Author(s): David Thomson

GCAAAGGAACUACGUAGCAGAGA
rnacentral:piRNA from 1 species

The Big Sleep (1946): Marlowe and Vivian practising kissing; General Sternwood shivering in a hothouse full of orchids; a screenplay, co-written by Faulkner, famously mysterious and difficult to solve. Howard Hawks' adaptation of Raymond Chandler reunited Bogart and Bacall and gave them two of their most famous roles. Hawks dredged humour and happiness out of film noir. After first shown to a military audience and coldly received, Hawks shot extra scenes to replace one in which the film's murders had been explained, and in so doing left the plot unresolved. Thomson argues that, if this was accidental, it also signalled a change in the nature of Hollywood. 'The Big Sleep inaugurates a post-modern, camp, satirical view of movies being about other movies that extends to the New Wave and Pulp Fiction.'